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Int J Cancer. 2010 Oct 15;127(8):1923-30. doi: 10.1002/ijc.25408.

Prospective study of human papillomavirus and risk of cervical adenocarcinoma.

Author information

1
Department of Medical Epidemiology and Biostatistics, Karolinska Institutet, Stockholm, Sweden. lisen.arnheim.dahlstrom@ki.se

Abstract

Human papillomaviruses (HPV) are established as a major cause of cervical carcinoma. However, causality inference is dependent on prospective evidence showing that exposure predicts risk for future disease. Such evidence is available for squamous cell carcinoma, but not for cervical adenocarcinoma. We followed a population-based cohort of 994,120 women who participated in cytological screening in Sweden for a median of 6.7 years. Baseline smears from women who developed adenocarcinoma during follow-up (118 women with in situ disease and 164 with invasive disease) and their individually matched controls (1,434 smears) were analyzed for HPV using PCR. Conditional logistic regression was used to estimate odds ratios (OR) of future adenocarcinoma with 95% confidence intervals (CI). Being positive for HPV 16 in the first cytologically normal smear was associated with increased risks for both future adenocarcinoma in situ (OR: 11.0, 95% CI: 2.6-46.8) and invasive adenocarcinoma (OR: 16.0, 95% CI: 3.8-66.7), compared to being negative for HPV 16. Similarly, an HPV 18 positive smear was associated with increased risks for adenocarcinoma in situ (OR: 26.0, 95% CI: 3.5-192) and invasive adenocarcinoma (OR: 28.0, 95% CI: 3.8-206), compared to an HPV 18 negative smear. Being positive for HPV 16/18 in 2 subsequent smears was associated with an infinite risk of both in situ and invasive adenocarcinoma. In conclusion, infections with HPV 16 and 18 are detectable up to at least 14 years before diagnosis of cervical adenocarcinoma. Our data provide prospective evidence that the association of HPV 16/18 with cervical adenocarcinoma is strong and causal.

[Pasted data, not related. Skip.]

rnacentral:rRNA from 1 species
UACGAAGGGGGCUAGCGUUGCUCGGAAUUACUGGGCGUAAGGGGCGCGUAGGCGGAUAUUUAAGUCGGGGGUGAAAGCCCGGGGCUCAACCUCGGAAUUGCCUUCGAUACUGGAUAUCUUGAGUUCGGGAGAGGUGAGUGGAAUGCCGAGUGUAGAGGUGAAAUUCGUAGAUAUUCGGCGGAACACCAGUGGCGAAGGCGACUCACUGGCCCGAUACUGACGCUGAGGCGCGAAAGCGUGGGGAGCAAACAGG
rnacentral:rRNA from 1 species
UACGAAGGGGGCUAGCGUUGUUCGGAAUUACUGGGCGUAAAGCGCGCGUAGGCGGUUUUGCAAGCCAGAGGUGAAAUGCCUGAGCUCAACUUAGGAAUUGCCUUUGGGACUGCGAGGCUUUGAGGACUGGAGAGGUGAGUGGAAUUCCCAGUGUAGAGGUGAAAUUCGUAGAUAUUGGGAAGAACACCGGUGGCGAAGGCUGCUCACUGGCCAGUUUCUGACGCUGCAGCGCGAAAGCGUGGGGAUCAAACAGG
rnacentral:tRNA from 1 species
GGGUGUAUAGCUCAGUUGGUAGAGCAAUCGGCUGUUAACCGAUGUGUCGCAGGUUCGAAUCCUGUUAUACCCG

PMID:
20473898
PMCID:
PMC2930102
DOI:
10.1002/ijc.25408
[Indexed for MEDLINE]
Free PMC Article

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